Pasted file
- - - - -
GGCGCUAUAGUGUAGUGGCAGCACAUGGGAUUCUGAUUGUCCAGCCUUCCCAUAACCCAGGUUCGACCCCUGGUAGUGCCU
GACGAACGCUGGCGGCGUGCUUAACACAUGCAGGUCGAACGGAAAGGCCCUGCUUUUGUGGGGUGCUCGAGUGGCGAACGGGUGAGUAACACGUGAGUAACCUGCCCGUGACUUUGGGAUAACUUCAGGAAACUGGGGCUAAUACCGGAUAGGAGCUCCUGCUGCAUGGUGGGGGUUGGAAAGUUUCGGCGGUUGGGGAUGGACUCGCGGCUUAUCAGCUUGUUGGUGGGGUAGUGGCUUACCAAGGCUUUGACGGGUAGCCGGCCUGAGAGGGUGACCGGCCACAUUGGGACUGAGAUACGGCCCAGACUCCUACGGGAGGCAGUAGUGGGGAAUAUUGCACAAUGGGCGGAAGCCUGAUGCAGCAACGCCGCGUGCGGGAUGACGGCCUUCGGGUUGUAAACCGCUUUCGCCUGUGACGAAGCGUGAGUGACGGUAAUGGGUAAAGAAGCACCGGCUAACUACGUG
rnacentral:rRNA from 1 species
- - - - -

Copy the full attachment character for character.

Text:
GGCGCUAUAGUGUAGUGGCAGCACAUGGGAUUCUGAUUGUCCAGCCUUCCCAUAACCCAGGUUCGACCCCUGGUAGUGCCU
GACGAACGCUGGCGGCGUGCUUAACACAUGCAGGUCGAACGGAAAGGCCCUGCUUUUGUGGGGUGCUCGAGUGGCGAACGGGUGAGUAACACGUGAGUAACCUGCCCGUGACUUUGGGAUAACUUCAGGAAACUGGGGCUAAUACCGGAUAGGAGCUCCUGCUGCAUGGUGGGGGUUGGAAAGUUUCGGCGGUUGGGGAUGGACUCGCGGCUUAUCAGCUUGUUGGUGGGGUAGUGGCUUACCAAGGCUUUGACGGGUAGCCGGCCUGAGAGGGUGACCGGCCACAUUGGGACUGAGAUACGGCCCAGACUCCUACGGGAGGCAGUAGUGGGGAAUAUUGCACAAUGGGCGGAAGCCUGAUGCAGCAACGCCGCGUGCGGGAUGACGGCCUUCGGGUUGUAAACCGCUUUCGCCUGUGACGAAGCGUGAGUGACGGUAAUGGGUAAAGAAGCACCGGCUAACUACGUG
rnacentral:rRNA from 1 species